DMA criticises back-dated VAT for direct mail campaigns

Companies that specialise in supplying bulk deliveries of advertising mail to financial services businesses and charities could face a VAT time bomb as a result of HMRC’s delays in issuing guidance on how the VAT rules operate, according to the Direct Marketing Association (DMA).

The DMA say it will now lobby the Treasury and the Department for Business, Innovation and Skills (BIS) to prevent HMRC from imposing backdated VAT charges and penalty fines for businesses while the industry was waiting for guidance.

It says it is concerned that if businesses are penalised for the two years when they did not pay VAT, some could end up passing the cost onto their charity clients.

In April 2012 a change in regulations meant bulk postal deliveries lost their VAT-exempt status. Direct contracts for postal services between charities or financial services companies and Royal Mail were unaffected, including Downstream Access contracts which continue to be exempt from VAT

However, some advertising mail suppliers have used the practice of ‘single sourcing’ – combining postage costs with production costs – for cutting out the VAT liabilities for financial services businesses and charities, which are unable to claim back or charge VAT.

For the past two years the DMA has been calling on HMRC to issue clear guidance on whether it will exempt single-sourced advertising mail from VAT charges.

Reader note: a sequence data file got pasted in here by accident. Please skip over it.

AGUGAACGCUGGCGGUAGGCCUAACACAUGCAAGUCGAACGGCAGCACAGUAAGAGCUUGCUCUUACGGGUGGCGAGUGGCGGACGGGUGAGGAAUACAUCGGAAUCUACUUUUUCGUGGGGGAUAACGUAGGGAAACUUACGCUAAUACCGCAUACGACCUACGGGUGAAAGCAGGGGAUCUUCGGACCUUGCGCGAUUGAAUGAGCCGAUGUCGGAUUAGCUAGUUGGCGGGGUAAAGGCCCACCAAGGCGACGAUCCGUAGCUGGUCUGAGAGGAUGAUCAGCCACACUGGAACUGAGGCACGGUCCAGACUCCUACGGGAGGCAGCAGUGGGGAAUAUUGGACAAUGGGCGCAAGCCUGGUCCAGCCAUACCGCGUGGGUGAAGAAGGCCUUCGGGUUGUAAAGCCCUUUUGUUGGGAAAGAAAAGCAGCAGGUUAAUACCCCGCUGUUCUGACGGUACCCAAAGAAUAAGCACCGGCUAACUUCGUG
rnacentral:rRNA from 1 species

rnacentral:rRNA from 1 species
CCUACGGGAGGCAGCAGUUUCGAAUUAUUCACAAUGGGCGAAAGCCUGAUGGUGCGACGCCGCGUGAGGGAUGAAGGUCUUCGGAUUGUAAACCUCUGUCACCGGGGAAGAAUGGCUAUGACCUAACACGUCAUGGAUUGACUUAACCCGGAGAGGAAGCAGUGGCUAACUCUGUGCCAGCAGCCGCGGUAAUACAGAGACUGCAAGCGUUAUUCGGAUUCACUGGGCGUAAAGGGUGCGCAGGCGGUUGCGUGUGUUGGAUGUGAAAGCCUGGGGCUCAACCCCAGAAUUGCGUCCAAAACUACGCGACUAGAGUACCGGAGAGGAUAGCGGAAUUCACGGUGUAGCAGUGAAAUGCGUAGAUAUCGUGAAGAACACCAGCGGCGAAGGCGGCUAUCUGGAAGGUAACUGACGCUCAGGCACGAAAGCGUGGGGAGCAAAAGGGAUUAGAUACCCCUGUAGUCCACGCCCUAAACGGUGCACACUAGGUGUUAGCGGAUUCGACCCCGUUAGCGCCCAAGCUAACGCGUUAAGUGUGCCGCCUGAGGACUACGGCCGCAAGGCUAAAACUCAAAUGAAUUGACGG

The DMA is now concerned that supplier businesses that were advised to interpret the rules in this way could now be hit with large back-dated VAT bills, as well as penalties, after receiving a letter from HMRC last month. 

Mike Lordan, the DMA’s director of external affairs, said: 'While we’ve advised businesses to take a cautious approach, the ambiguity surrounding the rules means that many businesses have interpreted the rules differently. Until now, HMRC has not issued guidance to the contrary. HMRC created this vacuum so it would be extremely unfair for them now to penalise companies.'

Lordan said that the DMA wrote to HMRC at the time of the rule change in 2012 asking for clarification on the ‘single source’ issue and the association had since written ‘six or seven’ times more asking for a response.

‘We finally got a response from HMRC on July 16, which does at least make clear that single sourcing will be subject to VAT, but it’s appalling that it’s taken so long for them to reply. And there are still one or two parts of the process where we would like  more clarification,’ Lordan said.

One issue which the DMA says is still not clear is the VAT status of Royal Mail’s mailsort services used by suppliers of advertising mail.

The association points out that companies are able to print direct marketing materials for charities which are zero-rated for VAT, but these cannot be distributed unless they are passed to the mailsort service, which is potentially VAT-rated.

The DMA will write to ministers and HMRC asking for this to be clarified.

Pat Sweet |Reporter, Accountancy Daily [2010-2021]

Pat Sweet was the former online reporter at Accountancy Daily and contributor to the monthly Accountancy magazine, pub...

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